One gardener's observations, discoveries and random thoughts whilst simultaneously worshipping and dallying in a Cape Cod garden. "A garden," said Ralph Waldo Emerson, "is like those pernicious machineries which catch a man's coatskirt or his hand, and draw in his arm, his leg and his whole body to irresistable destruction."

Late Season

Remember when we were kvetching about all the heat and humidity?

Last night it got pretty chilly here, dipping just below forty degrees, but with winds gusting to about 40 mph, it felt like winter was arriving, even perhaps, that Sudden Deep Freeze scene from The Day After Tomorrow.   The brilliant moonlight silvered everything seen out the window, too, just to enhance the illusion.

Since the weekend ahead is the one I had set aside for such autumnal things like putting the garden to bed and (more importantly) getting the storm windows in place, last night was dang cold, with the Gray Catsby and I snuggled together under several blankets and comforters while the wind howled outside.  Thankfully, he throws a bit of  heat.

This morning I awoke to find snow…but thankfully only in photos of friends of mine who live in more northern climates.   The temperature is 49 F at 11:30 a.m., though the wind still gusts here, keeping the trees dancing and sending fading leaves swirling.   The sunshine is bright and warm, though and there isn’t much reason to hibernate just yet.

The deck garden and the yard aren’t quite ready to be put to bed, so I’ll focus on the storm windows today.

I offer these warm-looking photos as antidote to the Season Shock my friends in chillier places may be experiencing lately.

I have already brought a few things indoors, like the hibiscus that starts off this post, a pot of marine heliotrope, another of mint and a lovely hanging basket I’m not quite ready to say so long to yet.   I do hope to repot those now-two-year-old dracaenas, since they o’er-wintered so well inside last year…and there’s the asparagus ferns…it’ll be a real jungle in here once that great migration is complete.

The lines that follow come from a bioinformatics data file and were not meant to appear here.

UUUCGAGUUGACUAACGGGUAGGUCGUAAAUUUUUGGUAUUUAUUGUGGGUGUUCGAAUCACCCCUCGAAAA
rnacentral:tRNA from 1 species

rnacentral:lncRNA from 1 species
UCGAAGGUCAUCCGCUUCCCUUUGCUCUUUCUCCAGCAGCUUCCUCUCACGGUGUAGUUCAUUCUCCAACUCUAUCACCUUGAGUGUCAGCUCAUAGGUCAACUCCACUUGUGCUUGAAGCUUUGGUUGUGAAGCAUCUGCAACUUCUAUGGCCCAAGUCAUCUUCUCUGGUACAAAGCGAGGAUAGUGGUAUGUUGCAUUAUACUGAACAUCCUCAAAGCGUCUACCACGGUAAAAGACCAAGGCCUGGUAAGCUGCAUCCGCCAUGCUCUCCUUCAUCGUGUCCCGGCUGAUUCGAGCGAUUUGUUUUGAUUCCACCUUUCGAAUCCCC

But first the storm windows, while the deck keeps up its pretty show.

By the way, I don’t want you to think I’m all done with posts about Summer, there’s at least a Part 2 and 3 coming, possibly more.  But of course, when you just take loads of pics as the summer races along, it’s tricky (but fun) and time-consuming:  remembering just where they are saved, under what name, and the way I’d like to arrange them to tell the story.

But as they say, No Day But Today, and just to be clear, each one of these pics was taken this morning.

The pink bloom in the shot below is one of my very successful crop of agastache plants I grew this year (In the background – big surprise – is purple allyssum).    They were happy plants right out of the gate and grew wonderfully as the season progressed.   Some were gifted to others gardens, while a half a dozen stayed with me.

In the next couple of weeks, they’ll find homes in the gardens downstairs and – if my experience is true – will live almost ten years once I  find them the right spot.  But  with such a drought going on this summer, it seemed kinder to keep the plants in pots just outside the door where I could make sure they got watered.

The rain we’ve had recently is doing its work down in the garden, and the Shasta daisies by the driveway – normally long finished blooming by the end of July – have managed to present just a few more flowers this week, to join in the chorus of rudbeckia and imperial mums who’ve taken center stage for the season’s finale.

Stay warm, everyone – it’s flannel shirt and fleece season, to be sure – and have a great weekend!!

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Comments on: "Late Season" (8)

  1. Hi Greg! I love the flower shots! I have cosmos blooming in total profusion here, and they are usually long over by now too! AND I had a nasturtium FINALLY bloom just last week–of course I had it in a shady spot all summer, but still…

    I’m looking forward to some windy autumn beach shots from you soon! :)

  2. Stay warm! And if it gets too cold, you can come south and warm up by us! Okay, okay, so it’s not much better here. But we can build a nice fire in the fireplace if it’s cold out! :)

  3. Beautiful stuff!!!!! Could you share a couple of tips for the kind of Macro shots you do with your flowers here? Do you use a special lens, any tricks you could pass on?

  4. Ah, the ol’ kitty in a bag trick. We used to keep catnip in brown paper bags then empty them out and let the cats play in them for hours. You’ve inspired me! I’ll let you know what Winnie, Pip and Olive think.

  5. Stay warm! We’ve had at least three hard frosts and have snow flurries tonight. And we’re way south. Cheers

  6. Beautiful as always! I’ve been away for far too long, but, now I’m back! :)

  7. What a lovely gardening post! I’m sorry for being away for so long, back now, umm, scold me.

  8. I guess things are a little changed outdoors since this last post… I hope you’re staying warm and amused in coldest December. All the best, Greg, and my hopes for a great holiday and a fine new year (and some would say decade) ahead. Peace.
    James

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